"The Non-Scotsman" went out of town, so I called a girls' weekend to order. Only a short drive (and one somewhat intimidating checkpoint) to our North is Vancouver, B.C. I've been twice for a few hours and even once for a night, but have always driven home keenly aware that I somehow missed the city's international charms.
(MY map of Vancouver, 2010)
This trip was different: one of those vacations where you always find the perfect parking spot, the sun comes out at just the right moments and the locals you meet actually seem to like you. We Seattlites found a kindred spirit in Vancouver, so much so that we renamed the district's on our tourist map to reflect their counterparts in Seattle. (See my version above)
(The oddly piled strawberries on Granville Island - like pyramids)
Our first stop was a walk along the waterway to Granville Island, Vancouver's younger version of Pike Place Market. The best hidden gem in the lot was Paper-Ya, a boutique for paper, bookbinding, stationary, and more ways of documenting or inviting than any place I've seen lately. I stood for about a quarter of an hour just turning around and around, like Julie Andrews on the hills in the Sound of Music.
We sat in the sun, tasted the free samples of baked goodness, and jumped the rainbow "Aquabus" back down the inlet to our hotel, trying unsuccessfully not to get sat on and squashed by tired tourists.
(Our Aquabus from Granville Island)
Then ... we got serious, got dressed, and got to dining:
Starting off at the acclaimed Blue Water Cafe in Yaletown/Belltown, we bellied up to the raw
bar and ordered some of the most refined sushi I've seen in a while.
(The Blue Water Cafe bar where I indulged in the tall, cheesy breadsticks)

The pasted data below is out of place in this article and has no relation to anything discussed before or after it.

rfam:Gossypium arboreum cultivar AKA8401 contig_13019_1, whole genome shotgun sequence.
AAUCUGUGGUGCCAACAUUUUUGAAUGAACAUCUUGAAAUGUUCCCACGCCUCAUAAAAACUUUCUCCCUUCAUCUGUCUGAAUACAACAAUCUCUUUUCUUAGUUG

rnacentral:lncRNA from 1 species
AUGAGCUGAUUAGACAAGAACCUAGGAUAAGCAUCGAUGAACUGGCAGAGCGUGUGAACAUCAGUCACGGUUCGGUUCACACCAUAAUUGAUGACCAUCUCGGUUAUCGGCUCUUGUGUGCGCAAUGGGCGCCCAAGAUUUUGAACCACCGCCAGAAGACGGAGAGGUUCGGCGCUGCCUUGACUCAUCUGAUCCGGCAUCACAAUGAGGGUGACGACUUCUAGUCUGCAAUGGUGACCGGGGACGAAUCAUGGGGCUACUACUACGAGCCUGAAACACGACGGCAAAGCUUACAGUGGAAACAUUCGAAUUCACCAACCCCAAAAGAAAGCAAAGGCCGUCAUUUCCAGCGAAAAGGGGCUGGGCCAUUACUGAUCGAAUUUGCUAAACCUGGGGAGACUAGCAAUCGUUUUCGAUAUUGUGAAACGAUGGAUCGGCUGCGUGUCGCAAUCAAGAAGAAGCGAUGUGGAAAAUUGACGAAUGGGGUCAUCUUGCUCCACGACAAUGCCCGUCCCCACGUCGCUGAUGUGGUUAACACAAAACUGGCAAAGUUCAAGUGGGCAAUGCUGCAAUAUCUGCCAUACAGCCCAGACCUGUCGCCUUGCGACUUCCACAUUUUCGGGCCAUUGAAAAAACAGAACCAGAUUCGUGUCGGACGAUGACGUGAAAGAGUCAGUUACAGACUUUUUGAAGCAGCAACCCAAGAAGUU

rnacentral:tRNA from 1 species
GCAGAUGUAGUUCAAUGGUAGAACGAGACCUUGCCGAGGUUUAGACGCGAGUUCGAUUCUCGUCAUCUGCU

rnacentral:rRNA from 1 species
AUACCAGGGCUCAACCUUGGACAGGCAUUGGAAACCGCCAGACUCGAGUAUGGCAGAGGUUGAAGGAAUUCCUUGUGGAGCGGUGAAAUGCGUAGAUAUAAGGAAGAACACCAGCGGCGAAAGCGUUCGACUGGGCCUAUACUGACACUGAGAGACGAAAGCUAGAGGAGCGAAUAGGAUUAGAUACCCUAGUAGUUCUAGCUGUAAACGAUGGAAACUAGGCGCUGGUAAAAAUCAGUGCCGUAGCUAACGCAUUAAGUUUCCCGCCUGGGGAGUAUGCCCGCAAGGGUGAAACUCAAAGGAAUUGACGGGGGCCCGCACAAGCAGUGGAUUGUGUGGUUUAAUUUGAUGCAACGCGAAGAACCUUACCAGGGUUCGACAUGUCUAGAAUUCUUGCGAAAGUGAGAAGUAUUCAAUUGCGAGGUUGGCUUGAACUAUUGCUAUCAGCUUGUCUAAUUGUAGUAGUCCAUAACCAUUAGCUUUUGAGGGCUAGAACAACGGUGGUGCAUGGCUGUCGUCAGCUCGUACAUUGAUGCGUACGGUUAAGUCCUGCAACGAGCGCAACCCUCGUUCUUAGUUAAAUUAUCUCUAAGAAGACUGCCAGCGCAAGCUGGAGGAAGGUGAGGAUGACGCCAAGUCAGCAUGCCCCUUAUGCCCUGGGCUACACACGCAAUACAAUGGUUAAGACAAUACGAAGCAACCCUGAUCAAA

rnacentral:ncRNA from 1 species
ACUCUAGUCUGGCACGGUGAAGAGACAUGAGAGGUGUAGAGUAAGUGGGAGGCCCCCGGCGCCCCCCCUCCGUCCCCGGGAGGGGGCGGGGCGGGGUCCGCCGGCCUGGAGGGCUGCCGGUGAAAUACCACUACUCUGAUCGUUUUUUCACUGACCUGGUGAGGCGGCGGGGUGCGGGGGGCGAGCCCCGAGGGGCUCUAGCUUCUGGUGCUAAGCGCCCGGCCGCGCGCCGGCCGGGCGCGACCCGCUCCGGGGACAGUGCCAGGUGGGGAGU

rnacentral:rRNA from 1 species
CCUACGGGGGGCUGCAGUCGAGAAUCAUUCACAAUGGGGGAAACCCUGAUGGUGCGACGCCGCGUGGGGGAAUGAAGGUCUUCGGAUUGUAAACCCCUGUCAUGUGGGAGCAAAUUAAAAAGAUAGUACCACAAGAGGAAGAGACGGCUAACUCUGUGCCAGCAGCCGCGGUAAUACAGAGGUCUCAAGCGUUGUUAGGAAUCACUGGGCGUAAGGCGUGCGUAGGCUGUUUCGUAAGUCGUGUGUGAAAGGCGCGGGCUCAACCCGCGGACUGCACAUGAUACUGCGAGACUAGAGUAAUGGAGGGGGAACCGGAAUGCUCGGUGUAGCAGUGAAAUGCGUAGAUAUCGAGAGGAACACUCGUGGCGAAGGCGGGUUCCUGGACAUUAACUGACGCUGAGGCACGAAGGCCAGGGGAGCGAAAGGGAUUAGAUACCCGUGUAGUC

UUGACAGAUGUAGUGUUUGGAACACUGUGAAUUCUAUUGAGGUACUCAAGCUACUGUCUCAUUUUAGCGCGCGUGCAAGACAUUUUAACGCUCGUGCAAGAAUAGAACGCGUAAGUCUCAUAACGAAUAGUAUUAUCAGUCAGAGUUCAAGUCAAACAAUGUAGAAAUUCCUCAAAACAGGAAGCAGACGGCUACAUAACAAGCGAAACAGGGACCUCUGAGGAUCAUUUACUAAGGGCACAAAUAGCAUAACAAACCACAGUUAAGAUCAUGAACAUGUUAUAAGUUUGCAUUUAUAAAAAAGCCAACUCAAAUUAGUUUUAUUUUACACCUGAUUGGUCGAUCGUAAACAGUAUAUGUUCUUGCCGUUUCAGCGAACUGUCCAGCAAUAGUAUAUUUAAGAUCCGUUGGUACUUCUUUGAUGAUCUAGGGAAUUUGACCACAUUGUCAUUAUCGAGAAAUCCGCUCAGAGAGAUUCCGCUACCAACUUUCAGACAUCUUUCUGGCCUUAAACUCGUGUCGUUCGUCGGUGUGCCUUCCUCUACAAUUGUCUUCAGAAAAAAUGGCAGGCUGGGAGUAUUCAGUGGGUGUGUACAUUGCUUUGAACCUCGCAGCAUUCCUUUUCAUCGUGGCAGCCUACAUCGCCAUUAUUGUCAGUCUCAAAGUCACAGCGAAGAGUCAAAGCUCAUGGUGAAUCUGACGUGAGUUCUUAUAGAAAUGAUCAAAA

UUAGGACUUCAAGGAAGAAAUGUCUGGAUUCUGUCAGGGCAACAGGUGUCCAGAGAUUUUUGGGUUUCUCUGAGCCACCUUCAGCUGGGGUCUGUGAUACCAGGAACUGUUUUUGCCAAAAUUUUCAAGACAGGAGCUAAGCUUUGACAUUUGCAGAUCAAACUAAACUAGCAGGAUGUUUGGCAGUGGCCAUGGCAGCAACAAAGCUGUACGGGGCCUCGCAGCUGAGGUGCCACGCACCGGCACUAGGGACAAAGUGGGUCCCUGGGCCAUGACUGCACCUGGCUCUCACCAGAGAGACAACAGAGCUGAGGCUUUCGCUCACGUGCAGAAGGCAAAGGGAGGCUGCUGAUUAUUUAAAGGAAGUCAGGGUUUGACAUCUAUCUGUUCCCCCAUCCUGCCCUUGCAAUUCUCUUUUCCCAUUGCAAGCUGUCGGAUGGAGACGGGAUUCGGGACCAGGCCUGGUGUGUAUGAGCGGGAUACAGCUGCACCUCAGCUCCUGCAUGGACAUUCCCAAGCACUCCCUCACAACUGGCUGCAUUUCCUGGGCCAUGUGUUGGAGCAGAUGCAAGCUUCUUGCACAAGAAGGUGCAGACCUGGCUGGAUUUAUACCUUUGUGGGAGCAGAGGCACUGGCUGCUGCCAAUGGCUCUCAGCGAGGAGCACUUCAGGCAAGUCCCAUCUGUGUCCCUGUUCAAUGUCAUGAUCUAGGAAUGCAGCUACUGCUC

Their tagline is "Celebrating our Ocean's Harvest." I'll raise a glass to them any day, especially to our 30-something already-graying barman who took such good care of us. I'll call him Brad.
As we were polishing off our ginger Brad said, "Hey, go find Dave at Uva Wine Bar around the corner. Some of the best wines by the glass in town."
(We cozied into white armchairs at Uva, 2010)
We took his advice, and off we tromped in our heels - my already-crumpled map in hand. Dave was the gracious host Brad made him out to be, although we ended up letting him recreate some classic cocktails in our honor, foregoing the wine. Green Chartreuse with cool mint will make any night fresh & dreamy.
Dave said, "You know, you really should go find Salt in Gastown." So, off we scuttled again, map in hand, heels thankfully not yet in hand. We cautiously walked through Gastown's restored industrial warehouses, following our directions with wide eyes into a dark, garbage-ridden alley. If only our husbands could see us now. A light beckoned from the left side of the alley's corridor, and we tripped into Salt - one big Edison light bulb of glory and cheese in the darkness.
Salt Tasting Room is a dream restoration project - simple brick walls, wood tables, and blackboard paint with white chalk everywhere, foretelling the delectable you are about to enjoy. One of the most accessible culinary concepts, Salt required guests pair varieties of cheeses, charcuterie and accompaniments to their eclectic wine selections. They glibly offer suggestions and directions, and we took our waitress up on what was supposedly rated "the best cheese in the whole world," a soft goat. I confessed (not to our over-eager waitress) that preferred the blue.
We discovered the cellar via chalk writing on a slate door, and down in the dungeon was the sweetest meat locker you've ever seen. A long communal table invited a party.
(Salt's communal table and meat locker)
Determining that "3rd stop's the charm," we took our last swigs of sparkling vintages and bites of Best-In-The-World-Cheese. Serendipitous, we meandered back to our perfectly-priced budget hotel to dream of lockers full of aging meats. Vancouver, we're smitten with you.
(...and that was just Day 1!)